What lessons should we be learning from Barcelona?


The attacks on 17 August in Barcelona have reminded us again that the threat of terrorism in major European capitals still looms. While there is much discussion and debate about the capacity and capability of terrorists to conduct attacks, what we should be learning – and passing on to staff in our organisations – remains less clear. From conversations we have had with organisations over the past month, four things have become increasingly evident. We believe that these are the main takeaways from the continued spate of terrorist incidents in Europe:

Safe is not a place – Organisations that only operate in Europe or the United States often believe they do not need a security or crisis response plan because these are ‘safe’ or ‘low-risk’ contexts. Attacks in London, Manchester, Paris and Barcelona remind us that high-impact security incidents can occur even in low-risk places. Knowing how an organisation will respond if its staff are involved in an incident, or how it will support staff caught in the aftermath, is critical. No place is entirely risk free and anywhere that we have previously dismissed as safe deserves re-examination.

A minimum level of awareness in public places is required – There is nothing to suggest that staff travelling in Europe should alter their travel plans. While we discuss the likelihood of continued attacks below, there is nothing to suggest that recent terrorist attacks dramatically increase an individual’s likelihood of death or injury while travelling, even though media hype would suggest otherwise. We need to remind people that ‘zoning out’, travelling with headphones in or having their attention locked on their smartphone, is not a good idea right now. People do not need to avoid public places that are likely to be targets – European capitals, in particular crowded public places – but they should increase their awareness and/or minimise the time they linger while they are there.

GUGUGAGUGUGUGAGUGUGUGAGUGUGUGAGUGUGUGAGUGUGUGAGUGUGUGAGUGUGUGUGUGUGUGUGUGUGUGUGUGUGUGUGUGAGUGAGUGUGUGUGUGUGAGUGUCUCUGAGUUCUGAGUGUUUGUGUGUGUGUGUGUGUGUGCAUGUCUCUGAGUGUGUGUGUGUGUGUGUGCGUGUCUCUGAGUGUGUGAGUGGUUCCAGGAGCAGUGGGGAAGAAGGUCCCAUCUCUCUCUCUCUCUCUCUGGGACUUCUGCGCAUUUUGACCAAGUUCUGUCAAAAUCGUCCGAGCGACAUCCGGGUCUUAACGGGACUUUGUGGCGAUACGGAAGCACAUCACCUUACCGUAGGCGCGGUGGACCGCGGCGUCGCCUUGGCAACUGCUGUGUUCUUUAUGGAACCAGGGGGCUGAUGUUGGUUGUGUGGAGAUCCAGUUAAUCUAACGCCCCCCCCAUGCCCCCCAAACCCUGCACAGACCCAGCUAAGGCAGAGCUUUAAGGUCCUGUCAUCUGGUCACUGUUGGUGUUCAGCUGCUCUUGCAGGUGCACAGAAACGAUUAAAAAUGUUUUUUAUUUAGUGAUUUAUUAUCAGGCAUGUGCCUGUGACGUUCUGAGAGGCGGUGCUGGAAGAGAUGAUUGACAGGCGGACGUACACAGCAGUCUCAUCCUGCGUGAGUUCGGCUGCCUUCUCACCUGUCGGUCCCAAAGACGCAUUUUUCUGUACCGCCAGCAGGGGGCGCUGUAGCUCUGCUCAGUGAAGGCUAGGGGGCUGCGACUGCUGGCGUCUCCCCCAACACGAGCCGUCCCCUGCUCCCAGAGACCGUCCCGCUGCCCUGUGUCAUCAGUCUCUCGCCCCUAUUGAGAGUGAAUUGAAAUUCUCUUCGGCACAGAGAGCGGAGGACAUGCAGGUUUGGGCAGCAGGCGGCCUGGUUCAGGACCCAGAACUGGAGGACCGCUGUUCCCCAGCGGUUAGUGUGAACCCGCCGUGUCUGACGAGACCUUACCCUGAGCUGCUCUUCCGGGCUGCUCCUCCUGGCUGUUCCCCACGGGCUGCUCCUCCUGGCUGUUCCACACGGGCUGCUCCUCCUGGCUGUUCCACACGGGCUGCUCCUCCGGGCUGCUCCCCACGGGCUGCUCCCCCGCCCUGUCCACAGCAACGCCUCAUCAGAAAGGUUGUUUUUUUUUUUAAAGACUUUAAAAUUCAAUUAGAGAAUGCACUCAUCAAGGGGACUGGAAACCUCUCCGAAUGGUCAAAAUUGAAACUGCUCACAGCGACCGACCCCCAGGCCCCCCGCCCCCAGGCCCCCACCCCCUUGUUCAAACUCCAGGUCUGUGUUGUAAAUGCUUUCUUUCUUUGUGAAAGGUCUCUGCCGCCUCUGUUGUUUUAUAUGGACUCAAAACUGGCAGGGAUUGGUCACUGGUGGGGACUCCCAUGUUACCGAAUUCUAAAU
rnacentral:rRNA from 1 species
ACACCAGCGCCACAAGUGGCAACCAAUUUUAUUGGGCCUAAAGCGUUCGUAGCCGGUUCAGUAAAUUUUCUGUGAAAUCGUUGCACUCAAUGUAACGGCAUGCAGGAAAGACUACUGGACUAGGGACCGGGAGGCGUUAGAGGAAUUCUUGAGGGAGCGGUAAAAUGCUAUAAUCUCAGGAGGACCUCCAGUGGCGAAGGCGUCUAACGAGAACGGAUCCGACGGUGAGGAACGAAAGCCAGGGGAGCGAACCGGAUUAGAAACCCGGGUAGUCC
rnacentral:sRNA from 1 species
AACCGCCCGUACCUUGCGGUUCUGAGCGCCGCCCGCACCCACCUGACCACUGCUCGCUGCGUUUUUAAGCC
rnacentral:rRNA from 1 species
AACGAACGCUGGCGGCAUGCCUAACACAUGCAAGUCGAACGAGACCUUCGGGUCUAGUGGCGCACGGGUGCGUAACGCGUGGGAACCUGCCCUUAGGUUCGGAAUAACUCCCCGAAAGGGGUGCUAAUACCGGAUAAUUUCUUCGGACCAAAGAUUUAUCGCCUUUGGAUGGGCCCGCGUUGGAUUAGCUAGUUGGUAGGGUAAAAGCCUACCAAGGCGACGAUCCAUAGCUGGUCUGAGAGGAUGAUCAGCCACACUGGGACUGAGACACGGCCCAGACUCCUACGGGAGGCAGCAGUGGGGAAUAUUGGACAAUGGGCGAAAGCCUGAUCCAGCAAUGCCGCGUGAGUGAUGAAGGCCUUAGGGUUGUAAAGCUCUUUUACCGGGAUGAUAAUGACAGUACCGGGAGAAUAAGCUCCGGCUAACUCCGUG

Communication with employees is essential – People like to receive security communications: they like to be engaged about security. When a major incident occurs it grabs media attention and therefore ours also. People worry that somebody they know might be involved and imagine what could happen if they were in that situation. This is a good moment for organisations to engage staff on the topic of security. It is an opportunity to remind them that the organisation is aware of and actively monitoring the situation. You can also use it as a learning opportunity to inform staff what the organisation’s security protocols would be in the event of an incident. All of this builds active engagement about security within the organisation.

More attacks are likely – There are two reasons for this. The first is that extremist groups are losing ground in key Middle Eastern battlegrounds. These defeats can mean fighters move from military engagement in countries such as Iraq and Syria to supporting terrorist operations in Europe. Second, according to the theory of ‘contagion’, once a particular type of terrorist attack happens more attacks follow in quick succession. Media attention inspires violence-prone individuals, who are emboldened to imitate the attack.

Unfortunate events, such as the ones in Barcelona, enable risk and security managers to actively engage with staff on security issues and remind them of security protocols. This can be done without taking the frenzied approach of mass, and social, media but with staff and their well-being in mind. We all want the best for the people we work with and terrorist incidents provide a sober and timely reminder that while the unfortunate can, and will, happen the organisation is prepared to deal with them.

Does your organisation's global security policy and plan need a review? Send us an email and we'll let you know what we've done for other organisations and how we can help you.


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